Men who have a localized prostate biopsy Gleason 9-10 with definitive local therapy face worse outcomes compared to those with biopsy Gleason 8 disease, according to a recent study published in The Journal of Urology.
Che-kai Tsao, MD, of the Division of Hematology and Medical Oncology at The Tisch Cancer Institute at Mount Sinai in New York observed a cohort of 847 patients with biopsy Gleason 8-10 disease who had received either radiation therapy (RT) or radical prostatectomy (RP) from January 2001 to December 2011.
They used multivariable Cox modeling to compare outcomes in Gleason score of 8 and 9-10 in terms of time to biochemical recurrence, time to metastases, and overall survival. At baseline, patients demonstrated similar characteristics between the two groups.
The researchers found that higher-grade disease was associated with an increased risk of developing metastatic disease, with an increased risk of death in Gleason 9-10, particularly among those treated with RP. Gleason 9-10 was also associated with higher PSA at diagnosis.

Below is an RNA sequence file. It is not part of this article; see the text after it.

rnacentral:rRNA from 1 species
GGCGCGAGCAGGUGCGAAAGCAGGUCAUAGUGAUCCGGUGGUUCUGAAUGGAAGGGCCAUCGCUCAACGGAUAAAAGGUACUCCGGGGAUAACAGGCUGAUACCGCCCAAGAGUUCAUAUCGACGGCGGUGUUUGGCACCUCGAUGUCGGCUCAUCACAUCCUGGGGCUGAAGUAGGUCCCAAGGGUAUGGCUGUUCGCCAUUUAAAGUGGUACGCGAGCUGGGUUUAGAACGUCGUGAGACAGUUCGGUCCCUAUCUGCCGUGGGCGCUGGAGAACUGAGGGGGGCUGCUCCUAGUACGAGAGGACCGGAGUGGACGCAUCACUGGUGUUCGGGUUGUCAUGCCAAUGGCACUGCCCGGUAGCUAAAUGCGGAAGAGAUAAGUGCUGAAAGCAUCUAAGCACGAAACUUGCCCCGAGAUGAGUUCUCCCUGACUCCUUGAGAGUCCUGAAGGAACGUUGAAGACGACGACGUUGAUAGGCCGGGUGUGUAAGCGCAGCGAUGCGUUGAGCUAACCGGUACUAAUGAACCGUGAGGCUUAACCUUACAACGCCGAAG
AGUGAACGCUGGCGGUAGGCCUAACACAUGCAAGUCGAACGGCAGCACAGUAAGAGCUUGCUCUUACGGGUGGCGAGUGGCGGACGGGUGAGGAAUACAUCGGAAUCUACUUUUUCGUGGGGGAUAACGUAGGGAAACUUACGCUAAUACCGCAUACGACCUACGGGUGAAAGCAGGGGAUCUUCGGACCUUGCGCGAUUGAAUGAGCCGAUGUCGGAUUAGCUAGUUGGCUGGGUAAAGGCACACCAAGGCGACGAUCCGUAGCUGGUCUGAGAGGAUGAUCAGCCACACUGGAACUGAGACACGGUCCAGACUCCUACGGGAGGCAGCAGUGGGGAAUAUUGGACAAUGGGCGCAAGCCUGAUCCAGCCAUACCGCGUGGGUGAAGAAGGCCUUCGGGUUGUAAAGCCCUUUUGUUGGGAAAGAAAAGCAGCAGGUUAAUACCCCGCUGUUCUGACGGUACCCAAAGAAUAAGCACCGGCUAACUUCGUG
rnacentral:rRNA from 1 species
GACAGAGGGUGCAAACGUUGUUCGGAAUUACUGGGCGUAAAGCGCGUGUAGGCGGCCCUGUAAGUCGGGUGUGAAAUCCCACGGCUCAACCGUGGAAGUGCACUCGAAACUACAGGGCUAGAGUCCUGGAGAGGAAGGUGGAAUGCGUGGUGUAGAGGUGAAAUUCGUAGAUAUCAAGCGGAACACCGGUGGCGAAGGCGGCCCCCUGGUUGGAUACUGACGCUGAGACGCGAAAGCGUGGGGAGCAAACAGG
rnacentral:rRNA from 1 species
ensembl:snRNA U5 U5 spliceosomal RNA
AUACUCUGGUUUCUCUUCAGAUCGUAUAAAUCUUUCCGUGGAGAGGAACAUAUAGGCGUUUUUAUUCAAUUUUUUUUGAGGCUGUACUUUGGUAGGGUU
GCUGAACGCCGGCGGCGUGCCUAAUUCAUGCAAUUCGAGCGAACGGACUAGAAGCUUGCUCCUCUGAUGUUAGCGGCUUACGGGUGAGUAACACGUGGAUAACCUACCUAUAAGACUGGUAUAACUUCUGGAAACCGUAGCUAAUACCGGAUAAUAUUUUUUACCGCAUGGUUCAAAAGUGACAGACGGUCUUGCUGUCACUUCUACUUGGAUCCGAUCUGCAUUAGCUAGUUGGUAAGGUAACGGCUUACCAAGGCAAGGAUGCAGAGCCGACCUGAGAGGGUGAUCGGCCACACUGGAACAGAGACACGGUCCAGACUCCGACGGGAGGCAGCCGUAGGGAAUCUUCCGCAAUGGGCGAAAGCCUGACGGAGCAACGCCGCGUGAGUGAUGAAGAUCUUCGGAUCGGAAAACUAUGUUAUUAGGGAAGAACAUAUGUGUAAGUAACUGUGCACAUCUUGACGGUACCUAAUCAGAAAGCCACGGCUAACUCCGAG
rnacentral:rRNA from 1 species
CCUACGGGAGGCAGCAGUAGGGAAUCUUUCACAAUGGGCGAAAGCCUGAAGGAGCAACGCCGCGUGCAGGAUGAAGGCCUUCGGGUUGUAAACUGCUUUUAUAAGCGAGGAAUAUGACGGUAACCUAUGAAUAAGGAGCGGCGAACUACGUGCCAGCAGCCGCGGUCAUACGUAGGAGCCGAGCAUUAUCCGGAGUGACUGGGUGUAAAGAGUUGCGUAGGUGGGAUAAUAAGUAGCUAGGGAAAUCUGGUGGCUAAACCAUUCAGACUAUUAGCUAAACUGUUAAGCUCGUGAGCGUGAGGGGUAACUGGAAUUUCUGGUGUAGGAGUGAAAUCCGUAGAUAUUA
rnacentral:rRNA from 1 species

“Clinical trials incorporating newer approaches to Gleason 9-10 cancer are urgently needed,” the authors concluded.
In this study, authors want to examine the differences in outcome in patients with biopsy Gleason score 8 versus 9-10 who received definitive local therapy. Patients with localized biopsy Gleason 9-10 disease treated with definitive local therapy had worse outcomes compared to patients diagnosed with biopsy Gleason 8 disease.